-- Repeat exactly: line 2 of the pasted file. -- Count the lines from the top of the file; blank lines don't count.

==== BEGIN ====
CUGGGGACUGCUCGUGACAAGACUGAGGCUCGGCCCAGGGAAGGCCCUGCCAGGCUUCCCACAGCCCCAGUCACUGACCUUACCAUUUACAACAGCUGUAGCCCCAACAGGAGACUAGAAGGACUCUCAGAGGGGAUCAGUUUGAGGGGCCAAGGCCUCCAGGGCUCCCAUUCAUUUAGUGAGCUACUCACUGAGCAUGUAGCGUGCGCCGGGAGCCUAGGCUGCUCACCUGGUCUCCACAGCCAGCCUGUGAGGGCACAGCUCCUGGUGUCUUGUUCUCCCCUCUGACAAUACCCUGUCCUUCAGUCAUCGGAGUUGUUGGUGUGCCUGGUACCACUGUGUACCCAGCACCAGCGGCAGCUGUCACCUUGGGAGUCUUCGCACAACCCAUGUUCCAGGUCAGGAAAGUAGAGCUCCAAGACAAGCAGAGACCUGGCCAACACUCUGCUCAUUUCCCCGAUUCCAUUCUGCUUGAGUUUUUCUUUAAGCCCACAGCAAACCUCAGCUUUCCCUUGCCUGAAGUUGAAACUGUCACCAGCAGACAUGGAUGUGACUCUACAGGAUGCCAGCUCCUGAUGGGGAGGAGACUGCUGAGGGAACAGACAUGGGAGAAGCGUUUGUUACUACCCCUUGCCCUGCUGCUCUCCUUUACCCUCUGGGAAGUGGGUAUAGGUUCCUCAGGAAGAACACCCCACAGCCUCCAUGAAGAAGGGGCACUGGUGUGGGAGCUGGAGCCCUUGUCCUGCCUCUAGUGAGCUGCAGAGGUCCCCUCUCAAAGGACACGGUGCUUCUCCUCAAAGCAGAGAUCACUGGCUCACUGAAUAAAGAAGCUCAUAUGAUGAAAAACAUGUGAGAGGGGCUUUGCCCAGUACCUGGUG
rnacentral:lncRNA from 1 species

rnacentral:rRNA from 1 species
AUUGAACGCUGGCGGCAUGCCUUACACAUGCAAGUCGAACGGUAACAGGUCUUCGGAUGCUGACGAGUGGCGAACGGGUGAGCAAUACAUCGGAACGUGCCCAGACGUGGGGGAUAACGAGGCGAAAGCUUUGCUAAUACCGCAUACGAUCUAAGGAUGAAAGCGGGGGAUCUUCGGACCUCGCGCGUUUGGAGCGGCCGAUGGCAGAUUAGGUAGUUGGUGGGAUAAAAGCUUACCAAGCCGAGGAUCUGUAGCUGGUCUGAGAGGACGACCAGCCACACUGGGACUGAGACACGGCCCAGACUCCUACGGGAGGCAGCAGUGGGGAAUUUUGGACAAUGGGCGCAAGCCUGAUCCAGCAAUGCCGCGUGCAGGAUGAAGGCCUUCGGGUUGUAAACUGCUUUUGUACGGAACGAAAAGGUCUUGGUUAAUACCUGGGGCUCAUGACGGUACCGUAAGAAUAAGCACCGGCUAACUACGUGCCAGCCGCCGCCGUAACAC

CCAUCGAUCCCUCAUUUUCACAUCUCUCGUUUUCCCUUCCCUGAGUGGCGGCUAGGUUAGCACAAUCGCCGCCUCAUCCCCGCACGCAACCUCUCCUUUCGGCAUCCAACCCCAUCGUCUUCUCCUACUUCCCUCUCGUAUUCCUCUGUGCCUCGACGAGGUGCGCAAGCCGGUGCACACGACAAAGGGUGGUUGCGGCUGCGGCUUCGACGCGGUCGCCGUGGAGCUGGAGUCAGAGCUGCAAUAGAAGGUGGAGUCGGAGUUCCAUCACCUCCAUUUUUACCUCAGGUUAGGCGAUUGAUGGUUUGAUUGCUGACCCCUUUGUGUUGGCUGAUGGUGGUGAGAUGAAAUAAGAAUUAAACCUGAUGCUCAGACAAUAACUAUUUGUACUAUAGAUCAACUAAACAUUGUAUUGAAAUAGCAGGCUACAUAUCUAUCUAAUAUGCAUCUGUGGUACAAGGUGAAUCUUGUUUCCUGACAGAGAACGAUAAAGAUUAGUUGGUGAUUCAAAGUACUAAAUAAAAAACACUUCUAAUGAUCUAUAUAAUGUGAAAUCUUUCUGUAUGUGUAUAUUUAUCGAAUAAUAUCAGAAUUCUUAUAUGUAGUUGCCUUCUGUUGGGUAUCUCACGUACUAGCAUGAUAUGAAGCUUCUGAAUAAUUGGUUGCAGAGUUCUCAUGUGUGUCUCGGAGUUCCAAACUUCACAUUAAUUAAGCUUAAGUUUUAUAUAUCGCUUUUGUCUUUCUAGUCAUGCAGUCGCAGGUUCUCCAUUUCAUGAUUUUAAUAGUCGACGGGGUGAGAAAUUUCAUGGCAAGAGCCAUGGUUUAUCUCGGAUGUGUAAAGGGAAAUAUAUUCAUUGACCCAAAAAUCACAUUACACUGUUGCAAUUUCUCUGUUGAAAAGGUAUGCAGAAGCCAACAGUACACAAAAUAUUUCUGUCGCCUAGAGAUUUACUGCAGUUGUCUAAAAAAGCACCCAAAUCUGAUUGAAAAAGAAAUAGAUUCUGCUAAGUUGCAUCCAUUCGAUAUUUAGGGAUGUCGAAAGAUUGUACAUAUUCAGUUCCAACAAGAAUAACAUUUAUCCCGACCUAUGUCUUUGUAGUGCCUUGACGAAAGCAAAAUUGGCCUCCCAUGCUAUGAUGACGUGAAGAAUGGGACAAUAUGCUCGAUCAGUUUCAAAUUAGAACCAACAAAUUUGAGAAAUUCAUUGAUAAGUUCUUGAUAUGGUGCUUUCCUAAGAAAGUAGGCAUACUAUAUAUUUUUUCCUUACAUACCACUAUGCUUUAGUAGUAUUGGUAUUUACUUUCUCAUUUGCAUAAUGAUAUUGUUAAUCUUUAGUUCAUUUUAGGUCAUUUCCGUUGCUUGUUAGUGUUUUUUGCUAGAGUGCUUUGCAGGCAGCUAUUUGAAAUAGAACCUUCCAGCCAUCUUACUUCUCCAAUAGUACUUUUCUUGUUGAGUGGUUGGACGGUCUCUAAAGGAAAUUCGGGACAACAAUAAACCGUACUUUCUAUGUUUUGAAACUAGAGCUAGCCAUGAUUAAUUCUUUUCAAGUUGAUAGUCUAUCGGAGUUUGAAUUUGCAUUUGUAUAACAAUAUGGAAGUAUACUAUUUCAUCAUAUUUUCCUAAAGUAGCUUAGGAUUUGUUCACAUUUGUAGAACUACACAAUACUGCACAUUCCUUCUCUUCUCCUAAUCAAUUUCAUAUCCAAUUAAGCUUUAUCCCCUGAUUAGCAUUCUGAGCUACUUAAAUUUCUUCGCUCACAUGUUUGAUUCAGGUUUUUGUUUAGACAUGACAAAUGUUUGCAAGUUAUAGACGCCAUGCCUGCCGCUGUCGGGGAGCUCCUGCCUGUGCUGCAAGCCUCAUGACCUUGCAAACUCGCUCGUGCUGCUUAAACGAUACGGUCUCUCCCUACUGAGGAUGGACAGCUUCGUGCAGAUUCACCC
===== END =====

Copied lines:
rnacentral:lncRNA from 1 species